With the pandemic easing and the CDC no longer demanding masks indoors or outdoors, businesses are grappling with whether to require proof of the vaccine from employees and customers alike.
For the first time in a year, COVID-19 cases are down in all 50 states. And more than 60 percent of adults have gotten at least one dose of a vaccine.
New York, which became ground zero during the beginning of the pandemic, recently announced that vaccinated residents no longer must wear masks or social distance.
"The bottom line is you're vaccinated, you have more freedom," said New York City Mayor Bill de Blasio.
But some say it is still too soon.
"I'm gonna keep the mask on. I'm not taking any chances," said one New Yorker.
Some companies are also not taking chances, implementing what is called vaccine passports. The passports would require people to show evidence that they have been vaccinated before taking part in events or entering certain buildings.
The Malt House Restaurant in New York's Greenwich Village is a prime example.
"So, when the guests come through the door, it's going to be the first question that we ask, 'Are you guys vaccinated?'" explained Kevin Ohanlon. "'Can you prove it? Can you just show a quick bit of proof?' And then essentially, 'If you guys are happy enough to take your mask off, you're more than welcome to do so.'"
"I'm going to have all of my staff – who have been vaccinated – to make sure that they show up with the (vaccine) passport on hand," Ohanlon added.
But a number of red states are moving to prevent businesses from making this move.
Florida, Texas, Georgia, Iowa, and others have banned vaccine passports, citing privacy concerns and freedom as the main reasons for the ban.
"Government should not require any Texan to show proof of vaccination and reveal private information just to go about their daily lives," said Texas Gov. Greg Abbott. "That is why I issued an executive order that prohibits government-mandated passports in Texas. We will continue to vaccinate more Texans and protect public health and we will do so without treading on Texas' personal freedoms."
Elsewhere in the South, in Smithfield, Virginia, response to vaccine passports is mixed.
"I think that's a good thing," said Rob Ridlin. "I think it should be part of the hiring process. I think before you get on an airplane and before you work in an establishment that deals with the general public, employers have every right to require proof that they've been vaccinated."
"It's good for society to get better," said a woman named Grace, who didn't want to give her last name. "They should and we can open up again this economy that is really in need."
Mickey Hoskins said, "I think in a way it's a good idea and it's a bad idea. I mean if you can prove it, yeah, but it's kind of an invasion of privacy."
Delta Airlines recently mandated vaccinations for all new employees in the U.S. As for passengers, airlines do not require vaccines or passports although many are considering digital versions for scanning that would carry specific health information.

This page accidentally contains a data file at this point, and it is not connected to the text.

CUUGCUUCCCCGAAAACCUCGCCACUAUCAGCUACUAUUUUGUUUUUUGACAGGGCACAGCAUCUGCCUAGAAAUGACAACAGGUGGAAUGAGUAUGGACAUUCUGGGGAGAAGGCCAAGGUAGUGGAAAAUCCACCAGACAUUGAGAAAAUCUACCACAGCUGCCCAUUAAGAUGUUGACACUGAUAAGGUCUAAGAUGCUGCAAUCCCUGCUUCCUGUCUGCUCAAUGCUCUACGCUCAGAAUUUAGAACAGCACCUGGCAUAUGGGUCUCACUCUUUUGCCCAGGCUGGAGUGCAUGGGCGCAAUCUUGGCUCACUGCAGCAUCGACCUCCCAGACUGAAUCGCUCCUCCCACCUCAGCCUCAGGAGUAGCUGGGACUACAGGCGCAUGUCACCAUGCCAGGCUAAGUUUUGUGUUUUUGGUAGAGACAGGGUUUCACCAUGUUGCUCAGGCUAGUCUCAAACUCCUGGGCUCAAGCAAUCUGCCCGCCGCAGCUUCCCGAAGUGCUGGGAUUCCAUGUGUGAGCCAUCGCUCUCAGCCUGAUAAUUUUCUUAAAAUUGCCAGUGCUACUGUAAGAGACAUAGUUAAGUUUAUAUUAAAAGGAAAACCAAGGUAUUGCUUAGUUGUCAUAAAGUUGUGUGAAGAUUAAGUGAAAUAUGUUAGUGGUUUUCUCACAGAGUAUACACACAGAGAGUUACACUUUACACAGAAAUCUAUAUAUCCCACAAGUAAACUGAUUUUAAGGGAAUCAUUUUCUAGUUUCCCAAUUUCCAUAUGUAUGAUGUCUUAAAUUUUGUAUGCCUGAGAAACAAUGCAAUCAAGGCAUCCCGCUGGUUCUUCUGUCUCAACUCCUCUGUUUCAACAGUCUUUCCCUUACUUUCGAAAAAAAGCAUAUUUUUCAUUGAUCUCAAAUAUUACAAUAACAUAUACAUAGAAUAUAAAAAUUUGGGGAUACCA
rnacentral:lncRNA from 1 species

"I think we should have some sort of vaccine passport," said Ken Benjamin. "I like to travel internationally, and it would be nice to demonstrate that I am in fact vaccinated."
Other businesses could follow suit, according to a survey by the Rockefeller Foundation and Arizona State University. Overall 88% of the employers surveyed plan to require or encourage employee vaccinations.
Of that number, 60% will require proof of vaccination.
According to the EEOC, employers can legally make this requirement, while providing exceptions for those with a medical or religious accommodation.
This fall, a number of campuses, including Yale, Georgetown, and the University of California, will make vaccinations mandatory.
"God wants me to be healthy and I don't want to put those kinds of chemicals and toxins inside my body," Jackie Gale, a sophomore at the University of Alabama-Birmingham," said on the Watercooler Podcast with CBN's David Brody.
Gale has never received any vaccine for religious reasons. And for some reason, she was blocked from registering for classes this semester.
"Recently I finished my first year. I was allowed to live on campus, attend classes," explained Gale. "Then I looked on the website. I had a hold on my record from not having immunizations and I was told that my religious exemption only was valid K through 12 and it was not valid for my college experience."
While Gale's attorney says the school has since lifted the hold and is working to allow her to take classes again, she pointed out that her client's religious exemption should be respected and protected.
"The university has lifted the hold," explained Keisha Russell, counsel at First Liberty Institute. "We're still in ongoing conversations with them at First Liberty and we're waiting for them to really confirm that she's not going to have this issue again. They did allow her to register all last year in her freshman year. We're trying to get them to confirm that they do honor religious exemptions; put that in their policy, a written policy just like they acknowledge medical exemptions. They need to honor the religious liberty exemptions too. We want to make sure she's not going to have the same problem throughout her experience at UAB."
Meanwhile, some evangelical colleges are also encouraging students to get the vaccine with Seattle Pacific University adopting a mandate that students be vaccinated before starting school in the fall.